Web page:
My love-hate relationship with rain

Over the past weeks, I have mentioned quite a couple of times the tansy plants that were still growing in our greenhouses, after we had established our field experiment in Jena. First of all, there were the original 120 ‘mother plants’ that were the source for the 18 selection lines that I created and cloned. Then, there were the clones. Now, I overdid it a bit with the cloning. I initially knew nothing about whether it would work or not. This was my first time cloning Tanacetum vulgare, and I went against the advice to use root clones. (Stubborn ass here.) I needed about 30 clones for every selected line, and I figured that if I would just clone 45, probably enough would make it through to fill the field design. It turns out that I am quite good at cloning. I have made cuttings for a nursery professionally for five or six years when I was younger. There literally are hundreds of thousands of Buxus sempervirens, Prunus laurocerasus, and countless other ornamental plant species that have me as their maker. I’d better be good at it. Although I couldn’t get enough material from all plants to make it to 45 (some topped out at 28 clones), for many – if not most – I did. The average success rate turned to be about 95%. Not bad. It did mean, however, that I had about 750 plants prepared for a field experiment that needed only 504.

You didn’t seriously believe that I would throw that all away, did you?

We made an inventory of what was still there. I sat down and thought about it some. My boss thought about it some. This time I thought his idea was not much use. So I sat down and thought about it some more. I have convinced him that this was an awesome idea, and that I would be using it (among others) for student projects next summer. (Having a field experiment in Jena, when you live about 300 km away is not ideal for student projects.)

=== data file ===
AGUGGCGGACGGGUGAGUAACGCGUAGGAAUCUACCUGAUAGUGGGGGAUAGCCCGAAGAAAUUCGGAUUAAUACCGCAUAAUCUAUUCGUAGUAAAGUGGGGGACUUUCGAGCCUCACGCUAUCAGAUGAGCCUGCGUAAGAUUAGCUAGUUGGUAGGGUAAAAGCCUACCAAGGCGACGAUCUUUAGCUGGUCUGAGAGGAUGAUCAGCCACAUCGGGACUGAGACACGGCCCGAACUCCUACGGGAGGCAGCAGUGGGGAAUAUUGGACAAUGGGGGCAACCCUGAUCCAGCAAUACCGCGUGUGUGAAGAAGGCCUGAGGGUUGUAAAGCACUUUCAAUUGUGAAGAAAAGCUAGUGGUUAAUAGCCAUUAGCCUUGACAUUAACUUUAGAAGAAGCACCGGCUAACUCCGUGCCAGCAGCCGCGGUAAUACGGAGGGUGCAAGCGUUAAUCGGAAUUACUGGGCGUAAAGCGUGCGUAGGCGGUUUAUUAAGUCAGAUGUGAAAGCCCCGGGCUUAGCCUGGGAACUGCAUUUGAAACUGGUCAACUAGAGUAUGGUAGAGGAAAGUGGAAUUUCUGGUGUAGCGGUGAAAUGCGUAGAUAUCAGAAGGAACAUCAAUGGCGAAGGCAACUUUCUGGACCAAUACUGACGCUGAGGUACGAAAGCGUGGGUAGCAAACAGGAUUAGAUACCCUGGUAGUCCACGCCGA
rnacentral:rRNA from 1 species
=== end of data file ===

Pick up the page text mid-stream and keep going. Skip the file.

Over the past weeks I have prepared a nicedesign (well at least I think it is), for both the 120 mothers, and for the leftover clones. Admittedly, I could only use 90 properly in a manipulative design, so I had to still throw some away. It broke my heart. In my defence, I saved an entire line of plants that I did not use in the field experiment, to potentially start rearing aphid colonies on. That saved another 16 from the compost pile. I try not to waste. Over the past couple of weeks, I also prepared labels, and we readied the plants for getting outside. A nice field plot was assigned to me, and prepared. Today, I was making the final plot layout in the field. Literally everything is ready to go…

…but all afternoon, I was standing ankle-deep in mud. The Bavarian summer has been particularly wet this year (hence my indoor swimming pool). This afternoon it was – again – bucketing down for hours. I am pretty happy with rain, especially since I planned to establish an unplanned field experiment in mid-July. Drought can be a real party pooper there. Now, I know tansy can handle quite a range of conditions, and I don’t think they would mind wet soil for a while once firmly established, but they’re not pond plants either. I don’t feel like planting them in mud is a great idea. Looking at the weather forecasts, it will take at least about a week to dry up here, so I’m afraid there will be another change of plans. Instead of planting the site this week, I will postpone it another week (or maybe two). So next week: emergency harvest week. The week after: planting the two new field experiments. If our baby sticks to the plan (due 2 August), I will make it just in time, and then – finally – will have the empty desk I need to go on parental leave for two months! (Well, empty if I also submit that 80% written grant proposal, and that almost ready Functional Ecology revision.)

This is my muddy field, complete with abstract-looking blue sticks, some of which indicate where my plants will be, while others mark the corners of my plots. In the front will be my chemodiversity block design. In the back, there will be the 120 mother plants. As is pretty evident, the loamy soil is quite wet, but I must add that this shot was taken just after a heavy shower. The puddles usually drain pretty fast. It is not THAT bad! (The grassy patches surrounding it are pretty firm ground.)
The mother plants in the back, the leftover clones in the front. (I have since trimmed the mothers, and the leftovers have grown a bit)

Published by Robin Heinen

Father of two | Husband | Entomologist and Ecologist | Postdoctoral Researcher @ TUM | Traveler | Coffee Addict

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